One landed unwisely on a hot burner, and crumbled. I found another perished in the sink. Each spring they appear, ungainly, all legs and wings, like super-sized mosquitoes, and die in the windows of my house. I try and usher them out the door, but they seem determined to stay inside. Suddenly curious, I looked them up on the Internet and discovered a site that identifies Texas insects.
(https://citybugs.tamu.edu/2016/03/15/crane-flies/: bless Texas A &M!)
These over-sized mosquitoes are crane flies. Some of them do not even have mouths, because they have one purpose only while winged: to meet and mate and breed. My irritation at the jumble of legs and wings in my daughter’s bedroom windowsill is replaced with wonder. How fascinating that such a creature exists, for most of its life, a legless worm thing in the wetness of a stream bank, and then, suddenly, all wings and delicate legs to soar up into the clear air and seek another such, incidentally becoming a dinner for the birds who themselves are mating. How did such a creature evolve? How made first the leap from earth to sky? How does a crane fly know to fly or find another crane fly? Why are there male and female crane flies? What constitute beauty or brawn to another such winged thing? Why are there more than 15,000 different species of them? (Another wonder: more than ¾ of them were studied and categorized by one man, an entomologist named Charles Alexander!) Wondering at my years of lack of curiosity, I wonder at how blind I am to my fellow creatures, even when they fly right into my face!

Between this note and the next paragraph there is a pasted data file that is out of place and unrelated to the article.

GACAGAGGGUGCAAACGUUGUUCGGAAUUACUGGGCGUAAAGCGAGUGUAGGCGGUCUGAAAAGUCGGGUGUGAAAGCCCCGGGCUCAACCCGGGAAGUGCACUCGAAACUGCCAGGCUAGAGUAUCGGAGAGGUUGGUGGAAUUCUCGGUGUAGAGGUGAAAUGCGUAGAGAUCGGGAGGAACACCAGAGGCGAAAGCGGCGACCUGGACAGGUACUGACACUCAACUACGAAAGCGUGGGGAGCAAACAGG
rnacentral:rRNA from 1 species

Children and scientists retain the capacity to want to understand how the world works. I remember climbing up in the rafters of the chicken coop to look into a sparrow’s nest. I would sprawl across the grass and watch the ants march in lines to their burrow. As I grew, my sense of wonder was rubbed off by my desire to be seen as grown-up, experienced, and knowledgeable. Perhaps the reason that our Lord taught that we must become as children to enter the Kingdom is that until we drop our worldly wisdom, we are blind to the beauties, the intricacies and the wonder of creation, as thus, utterly incapable of taking the advanced courses of God. As Jesus asked Nicodemus, “I have spoken to you of earthly things and you do not believe, how then will you believe if I speak of heavenly things?” (John 3:12)
I was reading Ephesians this week and was struck both by the difficulty but also the beauty of the verses. One phrase still rings. “I pray that the eyes of your heart be enlightened.” Perhaps the practice of wonder at the beauty and multiplicity of the natural world may be a primer to discover the beauty and complexity of the Kingdom that we are called to explore as citizens.